Grant Creates Alternative to Jail For Nonviolent Drug Offenders

Governor Larry Hogan has announced a $540,000 state grant to test a pilot program that will allow nonviolent drug offenders to stay home and take recovery classes instead of going to jail. The program fulfills one of the key recommendations from the state’s Heroin and Opioid Emergency Task Force.

According to the Washington Post,

The governor’s office on Monday announced it was providing the Washington County Sheriff’s Office $540,000 to open the state’s first adult day reporting center.

Offenders ordered by judges to serve their sentences at the center will take classes on life skills and landing jobs, while undergoing counseling and medication to treat their addictions. They will be periodically drug tested and required to have jobs or look for work.

Offenders are required to spend at least 92 days at the center in a six-month period. They risk incarceration if they don’t participate.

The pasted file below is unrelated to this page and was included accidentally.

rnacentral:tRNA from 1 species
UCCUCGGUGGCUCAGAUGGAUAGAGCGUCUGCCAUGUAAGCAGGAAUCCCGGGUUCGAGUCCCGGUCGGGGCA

Administration officials say this approach is more likely to reduce recidivism and keep neighborhoods safe.

In a statement, Washington County Sheriff Doug Mullendore said “the right path for substance-addicted offenders is to treat them as individuals who have a medical condition, rather than try to solve the problem through incarceration.”

Read the full article for more information.

The innovative efforts counties are putting forward to counter overdoses and the opioid crisis will be discussed at the MACo Summer Conference session “Counties Confront Substance Abuse: What’s Now, What’s New, and What’s Next”, from 1:00 pm -2:00 pm, Friday, August 19, 2016 at the Roland Powell Convention Center in Ocean City, Maryland.

Attendees of the MACo Summer Conference will also have the opportunity to attend on-site training to be certified and equipped with naloxone. The “Learn to Save a Life – Naloxone Training for Opioid Overdoses will be held Friday, August 19 from 2:15 pm- 3:15 pm, and Saturday, August 20 from 8:00 am – 9:15 am.

Learn more about MACo’s Summer Conference: